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U.S. aims to wash away hatred in Pakistan flood relief work

Washington hopes its rescue missions and millions of dollars of aid in flood-ravaged Pakistan will help chip away at the deep-seated dislike and mistrust that many Pakistanis have for America.

August 21, 2010|By Alex Rodriguez, Los Angeles Times

Reporting from Kalam, Pakistan — The view from an open cargo door of a U.S. Marine helicopter showed what the relentless floodwater has done to this small mountain village. Near toppled electricity towers, hotel rooftops severed from their walls lay in the rushing water of the Swat River. Segments of bridges have been swept away. At one span, only concrete buttresses were left standing.

As the helicopter touched down, Pakistanis with blank, tired faces, some with whatever clothes they could salvage stuffed into small plastic bags, desperately waited their turn to be taken to safety.

As the U.S. carries out rescue missions and pours millions of dollars of relief into flood-ravaged Pakistan, Washington hopes the aid will chip away at the deep hatred and mistrust that many Pakistanis have for America. Though the two nations' governments remain allies in the fight against terrorism, Pakistanis have long viewed the United States as an exploitative power interested more in controlling their country than nurturing its prosperity.

The floods give the United States a unique opportunity to shore up a crucial alliance even as it pursues a "hearts and minds" campaign, which calls for moving the focus of U.S. aid from Pakistan's military to its deep-seated economic and infrastructure woes.

So far, the U.S. has delivered $87 million in relief, and Sen. John F. Kerry (D-Mass.), who visited Pakistan on Thursday, said Washington would raise the amount to $150 million.

The U.S. has pledged more in flood assistance to Pakistan than any other country. Fellow Muslim states have been slow to come through, exhibiting a reluctance that one Pakistani newspaper called shocking. Meanwhile, in a move that reflected this nation's desperate need, Islamabad agreed Friday to accept $5 million in flood relief from its nuclear archrival and neighbor, India.

Much of the U.S. relief so far has targeted the northwest, particularly the Swat Valley, a region that Pakistani troops wrested from the control of Taliban insurgents a year ago only to see it become decimated by the catastrophic monsoon floods.

In Kalam, U.S. CH-53 transport helicopters land as many as eight times a day in a mountain glade to pick up scores of stranded residents. On a recent sun-scorched morning, about 70 people jammed into the CH-53's grimy cargo bay, sitting shoulder to shoulder on stacked bags of flour. They carried whatever they could salvage from mud huts obliterated by walls of water: rugs, luggage, pots and pans and clothes stuffed into small plastic bags.

"The U.S. has been doing a good job here," said Muhammad Din, 27, with an infant son cradled in his arm. "This should change people's minds here about America."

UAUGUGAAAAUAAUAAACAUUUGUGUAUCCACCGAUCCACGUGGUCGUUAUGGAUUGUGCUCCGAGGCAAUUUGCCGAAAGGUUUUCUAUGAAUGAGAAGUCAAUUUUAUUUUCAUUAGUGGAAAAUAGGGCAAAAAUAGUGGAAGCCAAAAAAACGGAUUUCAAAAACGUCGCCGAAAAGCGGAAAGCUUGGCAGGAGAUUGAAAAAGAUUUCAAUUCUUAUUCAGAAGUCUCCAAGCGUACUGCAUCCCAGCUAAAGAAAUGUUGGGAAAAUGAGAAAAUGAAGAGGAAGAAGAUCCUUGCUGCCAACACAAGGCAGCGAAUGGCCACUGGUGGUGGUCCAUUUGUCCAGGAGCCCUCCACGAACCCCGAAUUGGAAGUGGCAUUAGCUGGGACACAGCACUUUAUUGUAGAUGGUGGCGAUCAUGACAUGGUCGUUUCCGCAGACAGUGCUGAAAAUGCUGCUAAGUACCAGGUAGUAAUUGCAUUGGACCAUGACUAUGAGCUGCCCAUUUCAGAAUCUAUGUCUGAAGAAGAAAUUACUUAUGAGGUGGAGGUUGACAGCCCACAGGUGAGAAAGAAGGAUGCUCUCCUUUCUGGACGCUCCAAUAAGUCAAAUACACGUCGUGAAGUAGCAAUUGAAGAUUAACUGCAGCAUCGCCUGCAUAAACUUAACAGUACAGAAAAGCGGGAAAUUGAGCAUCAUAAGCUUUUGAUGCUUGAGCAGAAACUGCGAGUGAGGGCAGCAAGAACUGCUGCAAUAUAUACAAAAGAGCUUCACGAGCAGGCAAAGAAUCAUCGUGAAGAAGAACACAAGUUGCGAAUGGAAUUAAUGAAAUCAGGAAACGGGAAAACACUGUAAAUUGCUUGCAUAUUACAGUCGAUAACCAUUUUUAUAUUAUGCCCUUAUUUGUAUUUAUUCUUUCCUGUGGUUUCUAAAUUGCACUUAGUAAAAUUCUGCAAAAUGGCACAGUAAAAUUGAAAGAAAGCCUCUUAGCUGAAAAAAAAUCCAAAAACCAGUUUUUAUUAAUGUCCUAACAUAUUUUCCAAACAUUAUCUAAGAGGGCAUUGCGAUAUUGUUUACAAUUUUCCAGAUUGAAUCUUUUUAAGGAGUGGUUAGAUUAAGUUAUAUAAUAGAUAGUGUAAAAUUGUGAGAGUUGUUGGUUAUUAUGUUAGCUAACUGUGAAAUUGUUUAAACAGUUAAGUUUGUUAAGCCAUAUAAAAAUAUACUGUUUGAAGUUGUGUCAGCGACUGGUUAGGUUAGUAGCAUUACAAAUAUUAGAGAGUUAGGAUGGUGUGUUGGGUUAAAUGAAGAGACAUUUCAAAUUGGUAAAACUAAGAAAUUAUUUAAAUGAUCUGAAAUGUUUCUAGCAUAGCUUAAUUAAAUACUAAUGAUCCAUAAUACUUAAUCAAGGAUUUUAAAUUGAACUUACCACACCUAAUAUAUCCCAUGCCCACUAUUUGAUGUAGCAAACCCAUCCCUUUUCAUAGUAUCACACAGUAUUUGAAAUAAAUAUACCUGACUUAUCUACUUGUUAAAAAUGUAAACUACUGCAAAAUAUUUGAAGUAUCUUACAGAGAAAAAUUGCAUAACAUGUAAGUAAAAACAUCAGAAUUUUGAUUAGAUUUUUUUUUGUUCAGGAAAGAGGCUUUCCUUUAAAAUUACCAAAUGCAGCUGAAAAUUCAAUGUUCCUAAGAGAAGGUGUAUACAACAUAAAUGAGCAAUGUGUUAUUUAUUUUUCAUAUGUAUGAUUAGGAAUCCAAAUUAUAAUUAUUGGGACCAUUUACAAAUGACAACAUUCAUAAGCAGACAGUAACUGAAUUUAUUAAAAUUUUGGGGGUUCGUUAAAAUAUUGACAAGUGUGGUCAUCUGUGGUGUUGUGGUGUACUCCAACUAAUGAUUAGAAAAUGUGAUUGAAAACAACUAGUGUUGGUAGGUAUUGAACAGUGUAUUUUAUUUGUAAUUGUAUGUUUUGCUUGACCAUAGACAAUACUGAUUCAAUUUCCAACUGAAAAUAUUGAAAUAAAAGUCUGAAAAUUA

On one flight this week, an old man leaving the helicopter turned to Marine Capt. Paul Duncan and tried to give him one of the only possessions he still had: the shawl off his back.

In broken English, the old man's son told Duncan, "Thank you very much. America good."

Nestled in the verdant ridges of the Upper Swat Valley, the village had been trying to regain its status as a prime tourist destination for middle-class Pakistanis. Then the flood came, leaving Kalam an island, robbed of electricity, clean drinking water and access to fresh supplies of food and medicine.

U.S. military helicopters that are taking out as many as 940 residents from Kalam daily are bringing in about 44 tons of flour, cooking oil, tea and other goods for those still stranded there. Eight Marine transport helicopters have been used in the operation, and four CH-46 Sea Knight helicopters arrived this week at Ghazi air base, where the U.S. relief effort is centered.

The rescue and relief missions began at the request of the Pakistani government and are carried out in close coordination with the nation's military. Pakistani soldiers armed with automatic rifles provide security on the flights and at drop-off and pickup points. None of the Marines on board is armed, Duncan said.

Pakistani soldiers working with the Marines say U.S. involvement in the relief effort has been invaluable.

"They've got large helicopters that can carry a lot of people and large amounts of relief supplies," said one officer, who spoke on the condition of anonymity because he was not authorized to speak to journalists. "Our helicopters are too small. U.S. troops have really helped us here."

Many Pakistanis say they have not been swayed by the U.S. rescue missions and millions of dollars of flood relief. In Islamabad, the capital, people talk of an America they say will expect something in return for its helping hand, an America that has neglected Pakistan too many times to make amends.

"If the U.S. gives us aid, only our rulers receive it," said Muhammad Jamshed, a 28-year-old salesman at an Islamabad clothing shop. "The U.S. wants to win the hearts of people with this aid, but it won't happen. We do not need this aid. God is here and he will provide aid to us."

In Kalam and the rest of Swat, however, the attitude has been very different, said Duncan, 38, of Gary, Ind.

"The experience I've had so far has been very positive, almost to the point of surprise," Duncan said. "When you're hungry, it's hard to be angry at someone bringing you food."

alex.rodriguez@latimes.com

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